Home » Diseases and Conditions » Supraventricular Tachycardia: What Are the Most Common Types Of SVT?

Supraventricular Tachycardia: What Are the Most Common Types Of SVT?

Supraventricular Tachycardia: What Are the Most Common Types Of SVT?
Rate this post

Supraventricular Tachycardia


Supraventricular Tachycardia, more commonly known as SVT, is a rapid and irregular heartbeat that originates from improper electrical signals in the heart’s upper chambers. SVT can occur during exercise or while at rest and can last for seconds, minutes or even hours. A normal heart rate at rest should stay under 100bpm (beats per minute). During an episode of SVT, the heart rate is anywhere between 100bpm and 300bpm. Most cases of SVT are not life threatening, but if the patient has frequent or long-lasting episodes of SVT, it can lead to serious complications.

What Causes Supraventricular Tachycardia?

Supraventricular Tachycardia can occur entirely on its own or result from one of the following factors:

  • Stress
  • Excessive caffeine intake
  • Alcoholism
  • Certain medications
  • Smoking cigarettes
  • Previous heart surgery
  • Wolff–Parkinson–White Syndrome
  • Heart disease
  • Pregnancy
  • Certain illegal drugs
  • Dehydration
  • Thyroid disorders

Types of Supraventricular Tachycardia

Atrial Fibrillation

Atrial fibrillation is the most common type of supraventricular tachycardia. It is characterized by a rapid and irregular heartbeat that originates in the atria. In frequent, recurrent cases, if left untreated, it can lead to serious complications including stroke.

Atrial Flutter

Atrial flutter is the rarest type of supraventricular tachycardia. It is characterized by a rapid and irregular heartbeat that originates in the atrial chambers. If left untreated, in frequent, recurrent cases, it can lead to serious complications, including stroke.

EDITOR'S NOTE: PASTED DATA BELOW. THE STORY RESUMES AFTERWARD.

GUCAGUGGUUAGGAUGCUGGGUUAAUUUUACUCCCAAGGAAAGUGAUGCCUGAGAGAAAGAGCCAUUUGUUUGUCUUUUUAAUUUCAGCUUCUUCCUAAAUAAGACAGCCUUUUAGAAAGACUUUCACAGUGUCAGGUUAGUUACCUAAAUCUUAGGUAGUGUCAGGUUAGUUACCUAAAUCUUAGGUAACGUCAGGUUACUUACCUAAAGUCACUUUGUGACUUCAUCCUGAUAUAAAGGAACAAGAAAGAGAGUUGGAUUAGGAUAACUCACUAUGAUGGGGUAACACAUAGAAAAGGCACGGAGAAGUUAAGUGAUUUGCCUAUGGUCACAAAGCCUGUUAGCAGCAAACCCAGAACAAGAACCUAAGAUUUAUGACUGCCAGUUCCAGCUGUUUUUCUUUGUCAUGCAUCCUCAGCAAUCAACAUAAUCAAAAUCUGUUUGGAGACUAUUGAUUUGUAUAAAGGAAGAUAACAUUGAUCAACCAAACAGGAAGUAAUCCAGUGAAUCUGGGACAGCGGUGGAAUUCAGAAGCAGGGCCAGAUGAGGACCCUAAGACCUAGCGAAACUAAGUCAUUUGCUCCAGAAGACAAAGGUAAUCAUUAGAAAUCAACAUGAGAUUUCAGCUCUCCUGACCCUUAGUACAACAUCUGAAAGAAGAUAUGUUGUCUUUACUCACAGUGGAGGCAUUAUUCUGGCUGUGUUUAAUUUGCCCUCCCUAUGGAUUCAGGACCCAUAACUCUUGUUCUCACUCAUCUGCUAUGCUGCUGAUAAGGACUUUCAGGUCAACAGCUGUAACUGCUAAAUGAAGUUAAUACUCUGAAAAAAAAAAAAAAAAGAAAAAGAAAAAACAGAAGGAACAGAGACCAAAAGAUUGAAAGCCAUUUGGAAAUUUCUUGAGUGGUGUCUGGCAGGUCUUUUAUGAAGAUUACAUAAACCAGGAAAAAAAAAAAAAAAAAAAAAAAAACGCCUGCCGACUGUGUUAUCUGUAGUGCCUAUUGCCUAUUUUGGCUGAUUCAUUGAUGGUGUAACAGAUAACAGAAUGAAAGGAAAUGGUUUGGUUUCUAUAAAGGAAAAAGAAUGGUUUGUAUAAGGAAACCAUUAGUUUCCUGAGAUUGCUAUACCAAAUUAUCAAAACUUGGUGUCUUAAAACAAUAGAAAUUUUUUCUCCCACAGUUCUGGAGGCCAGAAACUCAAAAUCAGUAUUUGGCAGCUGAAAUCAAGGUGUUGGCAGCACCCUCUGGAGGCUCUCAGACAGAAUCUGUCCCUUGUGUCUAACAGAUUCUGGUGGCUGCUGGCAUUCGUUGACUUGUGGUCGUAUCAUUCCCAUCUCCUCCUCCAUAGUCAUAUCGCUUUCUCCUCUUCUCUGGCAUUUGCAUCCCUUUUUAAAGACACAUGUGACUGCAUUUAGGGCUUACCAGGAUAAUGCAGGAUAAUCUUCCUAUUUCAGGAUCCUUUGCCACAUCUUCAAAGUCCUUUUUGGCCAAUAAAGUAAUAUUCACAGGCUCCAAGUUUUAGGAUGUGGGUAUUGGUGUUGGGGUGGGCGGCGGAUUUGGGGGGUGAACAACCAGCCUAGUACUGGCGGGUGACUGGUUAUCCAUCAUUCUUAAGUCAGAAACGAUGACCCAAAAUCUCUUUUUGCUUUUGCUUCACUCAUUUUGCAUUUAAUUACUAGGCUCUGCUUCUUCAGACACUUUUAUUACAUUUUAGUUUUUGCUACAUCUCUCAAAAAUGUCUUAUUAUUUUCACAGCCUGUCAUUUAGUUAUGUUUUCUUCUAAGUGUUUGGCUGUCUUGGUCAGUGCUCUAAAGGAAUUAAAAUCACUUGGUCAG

Paroxysmal Supraventricular Tachycardia

Paroxysmal supraventricular tachycardia, also known as PSVT, refers to a rapid heartbeat that starts and stops suddenly. PSVT episodes range anywhere between 120bpm and 300bpm, and only last for a matter of seconds. PSVT is generally not serious, but can be a physical and emotional nuisance for the patient.

atrial fibrillation

Supraventricular Tachycardia Symptoms

  • Rapid heartbeat of over 100bpm
  • Heart palpitations
  • Dizziness
  • Fatigue
  • Confusion
  • Lightheadedness
  • Shortness of breath
  • Syncope
  • Chest pain
  • Rapid breathing

Diagnosing Supraventricular Tachycardia

If you have symptoms of SVT, your primary care physician may perform an electrocardiogram, also known as an EKG, in office. An EKG records your heart’s electrical activity and will note if there is an episode of SVT present at the time. If your doctor cannot catch an episode of SVT in office, they will refer you to an electrophysiologist, a cardiac doctor who specializes in the heart’s electrical activity. Your electrophysiologist will order either a holter monitor or cardiac event monitor. A holter monitor is a device that you wear for 24 to 72 hours that records your heart’s electrical activity. An event monitor is a device that you wear for 3 to 4 weeks that records your heart’s electrical activity. These devices will record any episodes of SVT and determine what type of SVT they are.

Treating Supraventricular Tachycardia

Treatment for SVT depends on the type and cause of the rapid, irregular heartbeat. Many cases of supraventricular tachycardia can be managed with lifestyle changes, such as eliminating caffeine or alcohol. Non-invasive treatment for SVT includes medications such as beta blockers, which work to lower the heartrate. In frequent, prolonged cases of SVT, the patient may need a cardiac ablation. In a cardiac ablation procedure, your electrophysiologist inserts a catheter into a blood vessel from the groin up into the heart. Using guided fluoroscopy, the doctor tries to trigger an episode of SVT to find where in the heart the irregular rhythm is coming from. If the area can be found, it is burned or “ablated,” which typically resolves the SVT.

Leave a Reply

© 2015 Healthosphere.com. All Rights Reserved. Privacy Policy